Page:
Richard L. Fuka is the president of the Rhode Island Fishermen’s Alliance, an organization he started in 2008 in response to tightening state fishing regulations. The alliance’s mission is to help create sustainable fisheries without putting licensed fishermen out of business. More than 80 percent of the seafood sold in the United States is imported. The alliance represents the interests of many Rhode Island fishermen, most of whom are independent, self-employed businessmen that own their own boats.
The alliance interacts with state and federal regulators to preserve area fisheries by reporting their catches, observations and conducting scientific studies.
PBN: What made you start the alliance?
FUKA: The final straw was the state’s lobster-trap allocation program. That motivated me to challenge myself. I couldn’t let state and federal regulations dictate my livelihood. The allocation plan also came on the coattails of a lot of things that were changing at the same time, like landings for monkfish and cod for state fishermen. The groundfish regulations [Amendment 16] were also part of it. … I wasn’t willing to sit anymore.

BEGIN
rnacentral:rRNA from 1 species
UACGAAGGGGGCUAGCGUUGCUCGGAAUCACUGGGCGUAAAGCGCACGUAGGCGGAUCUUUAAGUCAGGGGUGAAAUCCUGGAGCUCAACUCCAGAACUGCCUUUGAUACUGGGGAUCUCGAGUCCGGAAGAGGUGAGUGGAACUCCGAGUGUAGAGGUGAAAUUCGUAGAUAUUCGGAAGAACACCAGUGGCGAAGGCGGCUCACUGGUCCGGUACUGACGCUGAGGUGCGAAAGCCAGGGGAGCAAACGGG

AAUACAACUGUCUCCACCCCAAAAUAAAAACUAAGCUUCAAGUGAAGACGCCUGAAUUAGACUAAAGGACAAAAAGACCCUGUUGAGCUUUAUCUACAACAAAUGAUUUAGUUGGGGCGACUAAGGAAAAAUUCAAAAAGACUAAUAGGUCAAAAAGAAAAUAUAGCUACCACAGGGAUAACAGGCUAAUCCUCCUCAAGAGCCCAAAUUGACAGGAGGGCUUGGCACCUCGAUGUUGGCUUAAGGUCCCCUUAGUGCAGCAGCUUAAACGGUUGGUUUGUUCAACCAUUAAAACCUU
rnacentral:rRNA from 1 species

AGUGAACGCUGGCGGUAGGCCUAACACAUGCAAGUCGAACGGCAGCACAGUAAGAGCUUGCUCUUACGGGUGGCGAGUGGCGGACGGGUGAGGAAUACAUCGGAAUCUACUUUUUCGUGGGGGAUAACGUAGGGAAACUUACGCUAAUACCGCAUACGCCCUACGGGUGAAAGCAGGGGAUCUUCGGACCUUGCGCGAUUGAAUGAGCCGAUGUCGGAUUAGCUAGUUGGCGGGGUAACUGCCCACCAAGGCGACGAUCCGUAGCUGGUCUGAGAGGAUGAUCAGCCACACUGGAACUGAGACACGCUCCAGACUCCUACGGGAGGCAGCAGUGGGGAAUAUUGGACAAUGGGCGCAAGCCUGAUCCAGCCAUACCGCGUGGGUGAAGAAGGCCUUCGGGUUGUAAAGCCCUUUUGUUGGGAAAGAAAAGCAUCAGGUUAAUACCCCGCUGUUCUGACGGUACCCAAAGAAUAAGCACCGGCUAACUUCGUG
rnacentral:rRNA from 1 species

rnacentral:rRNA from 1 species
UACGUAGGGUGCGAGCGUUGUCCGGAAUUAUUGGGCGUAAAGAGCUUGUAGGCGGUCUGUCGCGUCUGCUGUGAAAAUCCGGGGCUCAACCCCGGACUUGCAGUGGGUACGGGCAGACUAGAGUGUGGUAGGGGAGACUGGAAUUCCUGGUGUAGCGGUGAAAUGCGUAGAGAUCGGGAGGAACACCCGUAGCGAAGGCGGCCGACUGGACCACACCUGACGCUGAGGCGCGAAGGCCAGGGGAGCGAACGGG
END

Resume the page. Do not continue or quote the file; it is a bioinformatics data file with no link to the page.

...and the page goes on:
PBN: Is the alliance connected with fishermen nationally?
FUKA: I’m constantly in contact with other state organizations, mostly from Massachusetts to Florida, to make sure our views are properly represented. There’s always an information-sharing pool of real stuff that goes on. I’ve had contact with the Gulf Coast people, Louisiana in particular, because we’ve done fundraising for them in the past. We keep in contact with an organization that represents the Gulf Coast. …
There are cases where paid advocates from environmental nonprofits visit organizations in other regions and misrepresent our views.
PBN: The Atlantic sturgeon, a noncommercial fish, was recently declared an endangered species. Will this impact fishing along the Atlantic seaboard?
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